You may think of walnuts as an ingredient for baking. I did, initially. Back in the days, I used to buy walnuts for baking bread and cakes. Things changed. Besides using them for my baking, I include walnuts in my diet for health reasons. You should consider this too but before you do that, surely you’ll like to know exactly what health benefits do walnuts have?
Walnut is a Superfood
To understand the term “superfood”
Merriam-Webster dictionary defined superfood as “food that is rich in compounds such as antioxidants, fibre or fatty acids considered beneficial to a person’s health.
However, Wikipedia defined superfood as a marketing term for food assumed to confer health benefits resulting from an exceptional nutrient density. This term is not commonly used by dietitians and nutrition scientists.
Personally, the term does not matter much to me at all. How about you? Superfood or not, so long you and I understand the basis of health benefits it provides.
This nutrient-dense nut provides healthy fats, fibre, vitamins and minerals and that’s the starting point of how they may support your health. Read on…
Walnuts Nutrition Facts in Brief
Walnuts are made up of 83% fats and about 9% of protein base on a 1-ounce (28g) serving. They are low in carbs at 8% and most of which consist of dietary fibre of 7%.
On top of that, walnuts are an excellent source of several vitamins and minerals that is copper, folic acid, phosphorous manganese, Vitamin B6 and E.
The bioactive plant compounds found in walnuts are rich in antioxidants. The compounds are melatonin, catechin, ellagic acid and phytic acid.
Let’s look at how these components benefit your health.
10 Health Benefits eating walnuts
Here they are
1. Plant Source of Omega-3 & 6. Deliver Healthy Fats
Omega-3 fatty acids are a healthful and essential type of fat and they offer many health benefits including help prevent heart disease and stroke, may help control lupus, eczema, and rheumatoid arthritis (1).
Walnuts are a good source of Omega-3 fat from plants, called alpha-linolenic acid (ALA). In a small scale study, researchers found participants consuming a certain amount of walnuts daily for a month recorded an improvement in their omega-3 status.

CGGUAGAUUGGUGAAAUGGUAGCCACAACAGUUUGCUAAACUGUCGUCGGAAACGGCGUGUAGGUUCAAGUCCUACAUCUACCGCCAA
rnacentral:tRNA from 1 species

You ought to know your body cannot produce Omega-3 fatty acids thus you have to get them from food. Walnuts, a nutty crunchy good choice.
2. Rich in Antioxidants. Fight Oxidative Damage
Walnuts are an excellent source of antioxidants which helps fight free radicals that can damage your body’s cells and cause diseases.
The antioxidant properties are found in the plant compounds called polyphenols and are particularly high in the paper-thin skin of walnuts.
A study revealed healthy adults eating a walnut-rich meal prevented oxidative damage of “bad” LDL cholesterol. That’s beneficial because oxidized LDL can cause atherosclerosis – a buildup of fats, cholesterol and other substances in and on your artery walls (plaque), which can restrict blood flow. This leads to the next health benefit of walnuts.
3. Boost Heart Health
Heart disease or cardiovascular disease is a broad term used for chronic conditions related to the heart and blood vessels.
Eating walnuts may reduce risk factors for heart disease by
- Lowering “bad” LDL cholesterol
- Improve blood vessel function by reducing the plaque buildup in your arteries
- Reduce inflammation. Inflammation may promote the growth of plaques and loosen plaque in your arteries can trigger blood clots – the primary cause of heart attacks and strokes (1).
4. Help Decrease Inflammation
Besides heart disease, inflammation is the root cause of many diseases, including type 2 diabetes, Alzheimer’s disease and cancer. These diseases may also be caused by oxidative stress.
The polyphenols found in walnuts can help fight inflammation and oxidative stress (1).
5. Reduce Blood Pressure
High blood pressure is another risk factor for heart disease and stroke.
In a study, researchers found participants on a whole walnut diet experienced lowered central blood pressure as well as lowered total cholesterol.
6. May Help Reduce Risk of Some Cancers
Cancer is a group of diseases with many possible causes and mainly characterized by abnormal cell growth. You may reduce the risk of developing cancer by eating healthy food, exercising and practise healthy lifestyle habits.